Hyperbaric Hope for Wounds
Non-healing wounds of the diabetic foot are considered one of the most significant complications of diabetes, representing a major worldwide medical, social, and economic burden that greatly affects patient quality of life. Almost 24 million Americans-one in every 12-are diabetic, and the disease is causing widespread disability and death at an epidemic pace, according to the Centers for Disease Control and Prevention. Of those with diabetes, 6.5 million are estimated to suffer with chronic or non-healing wounds. Associated with inadequate circulation, poorly functioning veins, and immobility, non-healing wounds occur most frequently in the elderly and in people with diabetes-populations that are sharply rising as the nation ages and chronic diseases increase.
Although diabetes can ravage the body in many ways, non-healing ulcers on the feet and lower legs are common outward manifestations of the disease. Also, diabetics often suffer from nerve damage in their feet and legs, allowing small wounds or irritations to develop without awareness. These wounds take a long time to heal and require a specialized treatment approach for proper healing.
As many as 25 percent of diabetic patients will eventually develop foot ulcers, and recurrence within five years is 70 percent. If not aggressively treated, these wounds can lead to amputations. It is estimated that every 30 seconds a lower limb is amputated somewhere in the world because of a diabetic wound. Many of these lower extremity amputations can be prevented through an interdisciplinary approach to treatment involving a variety of therapies and techniques, including debridement, dressing selection, special shoes, and patient education. When wounds persist, a specialized and holistic approach is required for healing. This is when systemic adjunctive hyperbaric oxygen therapy, or HBOT therapy, steps in to assist wound healing.
HBOT, a therapy that has been in practice for more than 40 years, is a special treatment where the patient breathes 100 percent oxygen inside a pressurized chamber. The chamber quickly delivers high concentrations of oxygen to the bloodstream, boosts the healing process of wounds and is effective in fighting certain types of infections. It also stimulates the growth of new blood vessels and improves circulation. With the use of systematic HBOT therapy, 94 percent of patients maintain an intact limb 55 months after therapy, proving there is hope for non-healing wounds.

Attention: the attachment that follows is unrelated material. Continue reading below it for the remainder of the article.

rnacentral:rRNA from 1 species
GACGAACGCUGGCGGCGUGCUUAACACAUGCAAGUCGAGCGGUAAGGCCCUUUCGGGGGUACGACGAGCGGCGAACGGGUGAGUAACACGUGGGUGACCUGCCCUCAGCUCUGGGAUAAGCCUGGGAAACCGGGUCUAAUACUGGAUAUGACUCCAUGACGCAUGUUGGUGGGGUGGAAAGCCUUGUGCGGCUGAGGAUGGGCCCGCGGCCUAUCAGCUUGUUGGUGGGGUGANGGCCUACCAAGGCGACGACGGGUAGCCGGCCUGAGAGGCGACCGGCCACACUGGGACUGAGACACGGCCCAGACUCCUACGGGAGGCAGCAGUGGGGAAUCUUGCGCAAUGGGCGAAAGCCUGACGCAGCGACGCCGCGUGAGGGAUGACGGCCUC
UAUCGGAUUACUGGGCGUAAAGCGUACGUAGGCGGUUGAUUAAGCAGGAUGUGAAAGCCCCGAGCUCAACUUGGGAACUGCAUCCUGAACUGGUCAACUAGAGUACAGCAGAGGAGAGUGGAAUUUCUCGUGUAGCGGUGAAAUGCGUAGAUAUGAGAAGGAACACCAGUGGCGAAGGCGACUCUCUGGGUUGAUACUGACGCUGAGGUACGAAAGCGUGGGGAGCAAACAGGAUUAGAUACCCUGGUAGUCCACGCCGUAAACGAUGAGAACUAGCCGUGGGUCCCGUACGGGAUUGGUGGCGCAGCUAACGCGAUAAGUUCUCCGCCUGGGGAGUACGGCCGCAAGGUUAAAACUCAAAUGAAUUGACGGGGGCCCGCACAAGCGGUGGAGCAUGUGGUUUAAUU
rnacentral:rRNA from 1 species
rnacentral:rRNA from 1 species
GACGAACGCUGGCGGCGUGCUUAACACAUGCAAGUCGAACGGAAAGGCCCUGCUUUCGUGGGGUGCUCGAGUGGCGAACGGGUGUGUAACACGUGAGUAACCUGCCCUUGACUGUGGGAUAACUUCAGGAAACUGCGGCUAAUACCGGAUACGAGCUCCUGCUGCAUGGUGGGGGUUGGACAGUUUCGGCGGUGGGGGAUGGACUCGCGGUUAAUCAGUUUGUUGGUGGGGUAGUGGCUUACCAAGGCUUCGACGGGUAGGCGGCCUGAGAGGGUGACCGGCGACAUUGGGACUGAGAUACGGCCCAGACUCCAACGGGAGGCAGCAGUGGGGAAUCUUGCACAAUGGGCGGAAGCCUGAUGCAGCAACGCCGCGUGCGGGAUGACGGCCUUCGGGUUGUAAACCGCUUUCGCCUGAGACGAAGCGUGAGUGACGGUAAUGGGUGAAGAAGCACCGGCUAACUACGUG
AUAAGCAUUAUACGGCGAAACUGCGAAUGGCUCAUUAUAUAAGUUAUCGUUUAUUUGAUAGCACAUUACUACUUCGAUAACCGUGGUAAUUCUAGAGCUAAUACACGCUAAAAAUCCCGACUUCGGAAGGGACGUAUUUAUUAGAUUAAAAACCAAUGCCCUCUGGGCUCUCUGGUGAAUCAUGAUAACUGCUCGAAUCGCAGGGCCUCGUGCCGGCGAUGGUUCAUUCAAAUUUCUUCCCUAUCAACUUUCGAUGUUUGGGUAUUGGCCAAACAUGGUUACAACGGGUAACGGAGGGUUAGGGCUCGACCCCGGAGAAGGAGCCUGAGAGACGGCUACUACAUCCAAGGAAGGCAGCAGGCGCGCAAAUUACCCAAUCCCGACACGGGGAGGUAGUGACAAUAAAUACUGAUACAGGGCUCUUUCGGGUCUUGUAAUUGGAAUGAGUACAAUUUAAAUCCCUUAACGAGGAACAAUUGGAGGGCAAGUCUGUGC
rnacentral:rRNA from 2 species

HBOT, and other specialized wound therapies are not just for diabetics. Facilities like the Wound Care Center at Southern Regional specialize in treating patients suffering from diabetic, neuropathic, pressure and ischemic ulcers; venous insufficiency; vasculitis; burns; peristomal skin irritations; traumatic, surgical and other chronic, non-healing wounds; soft tissue radionecrosis and osteoradionecrosis; chronic refractory osteomyelitis; compromised skin grafts and flaps; actinomycosis; crush injury; acute traumatic peripheral ischemia; progressive necrotizing infection; and acute peripheral arterial insufficiency.
If you suffer from any of these conditions, visit the specially trained staff at the Wound Care Center at Southern Regional. This facility is celebrating a grand re-opening at a new 3,783 square-foot center with five treatment rooms, two hyperbaric chambers and more than 20 years of experience in helping you heal. To learn more, call: (770) 996-5404, visit online: www.southernregional.org/services/wound-care-center, or visit in person:
Building 33, Suite 17
(on the Southern Regional Health System main campus)
33 Upper Riverdale Rd., SW